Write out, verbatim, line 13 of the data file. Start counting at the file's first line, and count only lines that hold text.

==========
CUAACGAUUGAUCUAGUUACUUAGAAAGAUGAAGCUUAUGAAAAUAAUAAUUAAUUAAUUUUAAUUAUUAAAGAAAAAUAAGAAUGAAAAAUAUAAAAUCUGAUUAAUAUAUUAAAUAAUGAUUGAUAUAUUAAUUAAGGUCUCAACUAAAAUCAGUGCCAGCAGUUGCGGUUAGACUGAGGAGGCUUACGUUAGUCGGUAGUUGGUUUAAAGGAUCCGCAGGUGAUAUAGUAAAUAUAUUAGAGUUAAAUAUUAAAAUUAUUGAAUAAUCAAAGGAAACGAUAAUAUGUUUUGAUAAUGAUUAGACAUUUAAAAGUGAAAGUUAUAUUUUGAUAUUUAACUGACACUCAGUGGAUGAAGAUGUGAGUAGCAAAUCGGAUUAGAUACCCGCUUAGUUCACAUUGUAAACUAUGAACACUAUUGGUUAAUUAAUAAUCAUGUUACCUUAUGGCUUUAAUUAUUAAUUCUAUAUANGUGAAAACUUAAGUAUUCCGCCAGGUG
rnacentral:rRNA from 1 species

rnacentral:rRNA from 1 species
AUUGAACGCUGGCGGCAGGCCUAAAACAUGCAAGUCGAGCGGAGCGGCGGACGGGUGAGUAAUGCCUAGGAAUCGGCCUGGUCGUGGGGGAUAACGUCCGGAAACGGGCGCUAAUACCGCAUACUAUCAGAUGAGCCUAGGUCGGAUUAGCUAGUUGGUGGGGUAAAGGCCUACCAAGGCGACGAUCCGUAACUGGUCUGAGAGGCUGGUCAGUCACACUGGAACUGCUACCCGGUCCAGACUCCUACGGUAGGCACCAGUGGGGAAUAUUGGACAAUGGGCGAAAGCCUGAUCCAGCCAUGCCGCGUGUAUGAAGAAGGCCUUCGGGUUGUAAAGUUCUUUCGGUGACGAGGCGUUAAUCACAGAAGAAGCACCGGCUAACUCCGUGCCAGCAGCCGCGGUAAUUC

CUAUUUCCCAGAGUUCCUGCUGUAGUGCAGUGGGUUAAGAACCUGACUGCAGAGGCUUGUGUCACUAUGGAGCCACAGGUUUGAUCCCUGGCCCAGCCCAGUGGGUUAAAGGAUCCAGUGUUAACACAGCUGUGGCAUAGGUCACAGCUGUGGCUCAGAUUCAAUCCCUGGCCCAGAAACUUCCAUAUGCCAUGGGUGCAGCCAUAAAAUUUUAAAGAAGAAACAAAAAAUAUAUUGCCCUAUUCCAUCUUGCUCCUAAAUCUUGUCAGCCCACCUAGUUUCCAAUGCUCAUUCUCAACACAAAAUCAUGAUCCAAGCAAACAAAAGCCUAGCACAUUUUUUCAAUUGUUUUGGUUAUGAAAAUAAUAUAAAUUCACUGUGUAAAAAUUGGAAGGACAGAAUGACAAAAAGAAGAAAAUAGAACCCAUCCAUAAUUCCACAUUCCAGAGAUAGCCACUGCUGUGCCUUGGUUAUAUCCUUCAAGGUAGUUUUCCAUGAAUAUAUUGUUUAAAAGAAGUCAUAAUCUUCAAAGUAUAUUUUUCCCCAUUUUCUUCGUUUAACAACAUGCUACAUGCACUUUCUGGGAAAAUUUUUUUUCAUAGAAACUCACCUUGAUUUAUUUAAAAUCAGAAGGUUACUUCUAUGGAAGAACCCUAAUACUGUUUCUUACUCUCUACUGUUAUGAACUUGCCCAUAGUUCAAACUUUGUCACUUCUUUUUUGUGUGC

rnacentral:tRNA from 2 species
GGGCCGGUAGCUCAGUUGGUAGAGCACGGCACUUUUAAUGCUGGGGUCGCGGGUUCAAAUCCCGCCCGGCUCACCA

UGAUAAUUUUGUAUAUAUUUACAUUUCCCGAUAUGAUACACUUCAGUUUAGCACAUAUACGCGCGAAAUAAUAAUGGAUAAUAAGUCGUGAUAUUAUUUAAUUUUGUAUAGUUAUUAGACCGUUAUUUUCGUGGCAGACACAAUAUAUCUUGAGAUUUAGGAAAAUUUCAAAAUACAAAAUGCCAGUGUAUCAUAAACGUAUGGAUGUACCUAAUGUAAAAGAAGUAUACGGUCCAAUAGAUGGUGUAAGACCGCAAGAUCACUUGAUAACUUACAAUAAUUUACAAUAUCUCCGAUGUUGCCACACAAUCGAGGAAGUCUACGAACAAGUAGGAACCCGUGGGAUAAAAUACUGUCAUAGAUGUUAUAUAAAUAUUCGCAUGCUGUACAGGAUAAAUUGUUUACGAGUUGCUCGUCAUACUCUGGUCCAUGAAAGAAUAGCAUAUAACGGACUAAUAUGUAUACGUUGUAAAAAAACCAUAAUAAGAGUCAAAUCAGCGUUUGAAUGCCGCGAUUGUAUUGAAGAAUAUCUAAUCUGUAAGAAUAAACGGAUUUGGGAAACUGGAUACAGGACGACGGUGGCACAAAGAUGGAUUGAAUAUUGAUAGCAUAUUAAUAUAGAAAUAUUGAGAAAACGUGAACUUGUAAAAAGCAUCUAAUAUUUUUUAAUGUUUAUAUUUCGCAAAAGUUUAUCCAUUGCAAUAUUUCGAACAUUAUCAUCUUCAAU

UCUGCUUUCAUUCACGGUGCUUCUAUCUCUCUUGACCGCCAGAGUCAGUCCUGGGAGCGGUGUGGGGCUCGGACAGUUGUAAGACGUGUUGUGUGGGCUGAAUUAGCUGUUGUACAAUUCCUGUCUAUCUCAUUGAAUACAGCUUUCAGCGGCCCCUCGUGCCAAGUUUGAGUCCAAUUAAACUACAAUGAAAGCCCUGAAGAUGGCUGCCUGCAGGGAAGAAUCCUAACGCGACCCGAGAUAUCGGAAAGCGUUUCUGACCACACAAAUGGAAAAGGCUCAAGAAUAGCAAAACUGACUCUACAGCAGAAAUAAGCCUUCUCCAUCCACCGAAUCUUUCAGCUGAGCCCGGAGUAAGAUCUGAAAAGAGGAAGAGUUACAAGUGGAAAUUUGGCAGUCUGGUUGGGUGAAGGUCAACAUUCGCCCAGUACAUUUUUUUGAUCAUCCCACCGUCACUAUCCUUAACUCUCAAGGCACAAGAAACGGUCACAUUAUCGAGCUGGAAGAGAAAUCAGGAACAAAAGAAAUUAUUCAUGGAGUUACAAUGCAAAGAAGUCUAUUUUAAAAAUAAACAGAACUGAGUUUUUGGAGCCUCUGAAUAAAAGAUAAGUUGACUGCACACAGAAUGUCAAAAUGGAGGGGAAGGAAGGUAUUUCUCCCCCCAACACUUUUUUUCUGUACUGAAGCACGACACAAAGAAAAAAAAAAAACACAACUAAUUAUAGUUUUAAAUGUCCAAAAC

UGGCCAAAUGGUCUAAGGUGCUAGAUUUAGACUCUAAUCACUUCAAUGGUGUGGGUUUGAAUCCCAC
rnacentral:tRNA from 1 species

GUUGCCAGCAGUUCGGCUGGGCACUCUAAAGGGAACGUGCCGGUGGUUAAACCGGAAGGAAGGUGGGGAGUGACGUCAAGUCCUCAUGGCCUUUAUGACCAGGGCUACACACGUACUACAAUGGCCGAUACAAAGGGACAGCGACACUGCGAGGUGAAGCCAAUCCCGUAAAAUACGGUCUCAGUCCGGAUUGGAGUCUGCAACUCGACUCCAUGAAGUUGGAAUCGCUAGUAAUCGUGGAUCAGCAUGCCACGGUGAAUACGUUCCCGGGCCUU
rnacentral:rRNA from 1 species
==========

rnacentral:rRNA from 1 species